By Tabitha Berg (LOS ANGELES, Calif.) — The European Court of Human Rights (ECHR) has once again affirmed the rights of Scientologists in Russia to practice their religion based on Article 9 of the ECHR Convention for the Protection of Human Rights and Fundamental Freedoms, announced the Church of Scientology International.
Article 9 states:
“Everyone has the right to freedom of thought, conscience and religion; this right includes freedom to change his religion or belief and freedom, either alone or in community with others and in public or private, to manifest his religion or belief, in worship, teaching, practice and observance.
Freedom to manifest one’s religion or beliefs shall be subject only to such limitations as are prescribed by law and are necessary in a democratic society in the interests of public safety, for the protection of public order, health or morals, or for the protection of the rights and freedoms of others.”
In its September 28, 2021, judgment in Kuropyatnik v. Russia, (Application no. 64403/11), the ECHR ruled that Scientologist Vladimir Leonidovich Kuropyatnik, a Moscow Scientologist, was illegally detained by a Russian police officer who questioned him on the basis of his membership in the Scientology religion.
The Court found Kuropyatnik’s October 13, 2010, detention deprived him of liberty and violated Articles 8 and 9 of the Convention for the Protection of Human Rights and Fundamental Freedoms which guarantee the right to respect for private and family life and freedom of thought, conscience and religion.
The ECHR noted that at the time this incident took place, the Church of Scientology had been registered as a religious organization in Russia for more than two decades and that Russian authorities had consistently over the years acknowledged the religious nature of Scientology. This Court found Russian police targeting Mr. Kuropyatnik for being a Scientologist was a blatant abuse of his religious freedom by the Russian state and ordered Russia to pay him €8,000 in damages for violating his human rights.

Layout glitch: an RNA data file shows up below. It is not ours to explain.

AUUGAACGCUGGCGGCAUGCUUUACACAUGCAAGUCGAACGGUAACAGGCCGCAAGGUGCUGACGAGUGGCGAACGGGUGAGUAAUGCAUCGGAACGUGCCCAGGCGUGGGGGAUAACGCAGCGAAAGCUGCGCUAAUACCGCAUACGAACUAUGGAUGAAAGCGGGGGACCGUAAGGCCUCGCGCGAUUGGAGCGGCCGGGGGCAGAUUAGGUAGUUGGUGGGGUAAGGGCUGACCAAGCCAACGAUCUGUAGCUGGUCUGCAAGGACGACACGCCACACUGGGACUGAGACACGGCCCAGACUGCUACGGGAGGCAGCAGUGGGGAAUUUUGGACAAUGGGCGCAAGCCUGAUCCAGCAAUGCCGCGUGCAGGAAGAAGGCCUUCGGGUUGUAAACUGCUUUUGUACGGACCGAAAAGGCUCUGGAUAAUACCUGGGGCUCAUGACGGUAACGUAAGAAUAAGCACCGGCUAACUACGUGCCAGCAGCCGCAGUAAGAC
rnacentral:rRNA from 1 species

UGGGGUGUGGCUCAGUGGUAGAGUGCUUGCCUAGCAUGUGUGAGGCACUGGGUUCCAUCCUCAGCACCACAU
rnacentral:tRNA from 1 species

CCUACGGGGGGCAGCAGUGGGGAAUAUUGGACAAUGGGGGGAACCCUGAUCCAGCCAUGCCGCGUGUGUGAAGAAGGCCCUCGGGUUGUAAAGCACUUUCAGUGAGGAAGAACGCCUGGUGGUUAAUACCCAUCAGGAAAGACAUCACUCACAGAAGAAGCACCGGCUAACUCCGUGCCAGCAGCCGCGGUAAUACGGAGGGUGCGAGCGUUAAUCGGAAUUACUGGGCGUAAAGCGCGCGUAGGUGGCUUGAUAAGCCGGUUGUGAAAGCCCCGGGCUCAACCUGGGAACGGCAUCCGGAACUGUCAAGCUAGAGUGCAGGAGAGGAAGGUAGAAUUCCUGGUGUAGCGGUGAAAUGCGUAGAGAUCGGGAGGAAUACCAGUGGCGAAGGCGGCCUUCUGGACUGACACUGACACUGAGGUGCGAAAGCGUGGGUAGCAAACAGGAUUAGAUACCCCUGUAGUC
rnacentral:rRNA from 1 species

This decision is consistent with the European Court of Human Rights landmark decision of 5 April 2007 in the case Church of Scientology Moscow v. Russia (Application no. 18147/02), which overturned the Moscow city government’s refusal to register the Church of Scientology of Moscow as a religious organization. The Court found that Russia violated the rights of the Church of Scientology under ECHR Article 11 (the right to freedom of association) “read in the light of Article 9” (the right to freedom of religion) when it refused to reregister the Church of Scientology of Moscow.
Once again, the European Court of Human Rights has upheld that Scientologists are guaranteed the same rights by the European Convention on Human Rights granted to those of any other religious organization.
The European Court of Human Rights was established to create a mechanism for the resolution of human rights complaints against States parties to the Convention for the Protection of Human Rights and Fundamental Freedoms. The Convention was adopted by the Council of Europe in 1950. Located in Strasbourg, France, the Court has jurisdiction over 47 states in Europe, including Russia, with a combined population of some 820 million citizens.
This announcement was originally published as a blog on the Scientology Religion website. The Church of Scientology publishes this blog to help create a better understanding of the freedom of religion and belief and provide news on religious freedom and issues affecting this freedom around the world.